With respect to your cover story, “Reaching for Civility” (PAW June 2), however laudable Jim Leach ’64’s effort is to restore civility to political debate, what is infinitely more important is the content of the debate, not the manner in which manners are missing.
The most insidious part of the debate of the last few years is not the vitriol, but the dishonest abandonment of debating on the basis of the facts. It used to be that given the same set of facts, Republicans and Democrats would vociferously disagree because of different political ideologies. It was hard enough to pass legislation even under those circumstances.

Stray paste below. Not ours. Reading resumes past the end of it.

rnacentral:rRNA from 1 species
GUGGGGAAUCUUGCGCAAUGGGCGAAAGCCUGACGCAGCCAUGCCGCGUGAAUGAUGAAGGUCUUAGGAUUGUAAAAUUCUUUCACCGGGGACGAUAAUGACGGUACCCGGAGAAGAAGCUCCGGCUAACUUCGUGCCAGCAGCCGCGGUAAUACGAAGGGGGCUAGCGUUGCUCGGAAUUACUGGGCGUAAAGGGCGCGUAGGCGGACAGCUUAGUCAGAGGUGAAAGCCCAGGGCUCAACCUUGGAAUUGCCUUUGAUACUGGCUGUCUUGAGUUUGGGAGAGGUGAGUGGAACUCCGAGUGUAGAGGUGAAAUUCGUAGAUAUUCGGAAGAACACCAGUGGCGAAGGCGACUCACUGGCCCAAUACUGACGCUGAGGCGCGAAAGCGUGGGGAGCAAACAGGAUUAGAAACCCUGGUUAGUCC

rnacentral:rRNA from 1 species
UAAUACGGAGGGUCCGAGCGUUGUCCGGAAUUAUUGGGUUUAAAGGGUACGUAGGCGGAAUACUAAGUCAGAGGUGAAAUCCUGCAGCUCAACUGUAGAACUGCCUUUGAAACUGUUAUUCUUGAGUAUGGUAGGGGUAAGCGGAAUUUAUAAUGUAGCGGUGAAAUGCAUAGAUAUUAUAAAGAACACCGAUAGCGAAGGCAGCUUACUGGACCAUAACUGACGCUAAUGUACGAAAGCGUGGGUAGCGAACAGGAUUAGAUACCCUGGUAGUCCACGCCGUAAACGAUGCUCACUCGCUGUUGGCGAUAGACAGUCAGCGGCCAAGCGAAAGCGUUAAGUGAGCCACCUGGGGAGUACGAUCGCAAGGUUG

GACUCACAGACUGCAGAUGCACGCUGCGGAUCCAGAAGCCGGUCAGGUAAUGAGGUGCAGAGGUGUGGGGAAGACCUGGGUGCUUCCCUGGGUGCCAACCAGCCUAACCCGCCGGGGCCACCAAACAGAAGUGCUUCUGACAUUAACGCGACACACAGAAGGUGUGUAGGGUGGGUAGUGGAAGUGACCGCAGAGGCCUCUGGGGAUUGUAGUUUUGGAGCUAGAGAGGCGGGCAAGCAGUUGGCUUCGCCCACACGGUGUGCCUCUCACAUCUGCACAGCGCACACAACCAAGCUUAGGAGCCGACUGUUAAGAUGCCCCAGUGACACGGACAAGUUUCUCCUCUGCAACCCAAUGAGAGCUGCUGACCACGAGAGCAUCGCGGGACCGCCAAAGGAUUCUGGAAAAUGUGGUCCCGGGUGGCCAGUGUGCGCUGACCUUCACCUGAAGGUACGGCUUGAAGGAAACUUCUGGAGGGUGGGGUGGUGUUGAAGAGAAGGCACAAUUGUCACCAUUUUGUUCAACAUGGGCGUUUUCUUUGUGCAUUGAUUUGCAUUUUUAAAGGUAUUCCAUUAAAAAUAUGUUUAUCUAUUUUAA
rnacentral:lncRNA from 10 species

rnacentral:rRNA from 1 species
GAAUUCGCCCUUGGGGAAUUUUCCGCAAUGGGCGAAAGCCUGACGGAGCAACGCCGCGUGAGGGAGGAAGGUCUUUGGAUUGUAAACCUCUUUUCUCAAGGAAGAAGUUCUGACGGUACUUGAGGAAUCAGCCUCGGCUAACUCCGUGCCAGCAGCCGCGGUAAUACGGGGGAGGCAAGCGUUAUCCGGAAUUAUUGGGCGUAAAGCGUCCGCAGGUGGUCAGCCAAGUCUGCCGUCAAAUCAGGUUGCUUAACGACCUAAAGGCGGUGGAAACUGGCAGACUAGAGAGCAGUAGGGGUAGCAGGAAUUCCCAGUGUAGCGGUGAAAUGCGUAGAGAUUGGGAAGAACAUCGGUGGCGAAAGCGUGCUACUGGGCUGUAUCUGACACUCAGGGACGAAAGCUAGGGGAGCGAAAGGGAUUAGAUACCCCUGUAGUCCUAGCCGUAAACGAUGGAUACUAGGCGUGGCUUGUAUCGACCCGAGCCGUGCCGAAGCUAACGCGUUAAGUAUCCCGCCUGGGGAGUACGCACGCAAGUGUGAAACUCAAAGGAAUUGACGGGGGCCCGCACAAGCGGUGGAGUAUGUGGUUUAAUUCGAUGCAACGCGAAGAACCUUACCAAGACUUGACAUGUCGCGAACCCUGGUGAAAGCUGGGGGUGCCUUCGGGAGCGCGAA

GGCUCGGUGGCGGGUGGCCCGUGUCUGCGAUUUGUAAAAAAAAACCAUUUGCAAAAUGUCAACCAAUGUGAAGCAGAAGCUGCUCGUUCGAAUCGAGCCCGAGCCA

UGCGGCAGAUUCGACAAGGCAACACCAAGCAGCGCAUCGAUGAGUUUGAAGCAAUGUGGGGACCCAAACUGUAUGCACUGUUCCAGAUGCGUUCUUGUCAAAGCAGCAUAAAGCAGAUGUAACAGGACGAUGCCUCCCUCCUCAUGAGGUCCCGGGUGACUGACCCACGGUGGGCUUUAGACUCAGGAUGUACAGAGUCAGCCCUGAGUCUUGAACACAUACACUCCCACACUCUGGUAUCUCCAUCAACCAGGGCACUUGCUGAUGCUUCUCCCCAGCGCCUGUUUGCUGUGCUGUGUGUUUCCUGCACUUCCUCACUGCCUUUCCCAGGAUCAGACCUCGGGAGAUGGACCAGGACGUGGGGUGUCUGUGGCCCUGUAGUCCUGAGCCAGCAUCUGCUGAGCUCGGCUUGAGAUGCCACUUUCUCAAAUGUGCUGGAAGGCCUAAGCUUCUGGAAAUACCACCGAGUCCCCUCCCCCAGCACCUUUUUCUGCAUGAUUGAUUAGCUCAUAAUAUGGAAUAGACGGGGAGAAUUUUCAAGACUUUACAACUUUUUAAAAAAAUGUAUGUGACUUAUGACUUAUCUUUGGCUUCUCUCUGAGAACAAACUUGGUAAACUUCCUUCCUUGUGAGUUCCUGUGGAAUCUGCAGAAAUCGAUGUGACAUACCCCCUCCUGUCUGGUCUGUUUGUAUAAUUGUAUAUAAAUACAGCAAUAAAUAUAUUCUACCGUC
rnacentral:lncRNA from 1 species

If one has a legitimate point of view on a set of facts, then, by all means, support your ideology based on those facts. But to distort even the facts (e.g., claiming that the health-care plan has “death panels” that will decide whether to pull the plug on your grandma), puts the whole debate in an Orwellian never-never land without a connection to anything resembling reality. If you have a legitimate point of view, you surely have nothing to fear from the facts.
If Mr. Leach wants to crusade for something practical, he should exhort everyone — including the media — to not even start the debate until the facts are agreed upon. It matters not one whit if someone is quiet and civil but uttering total lies.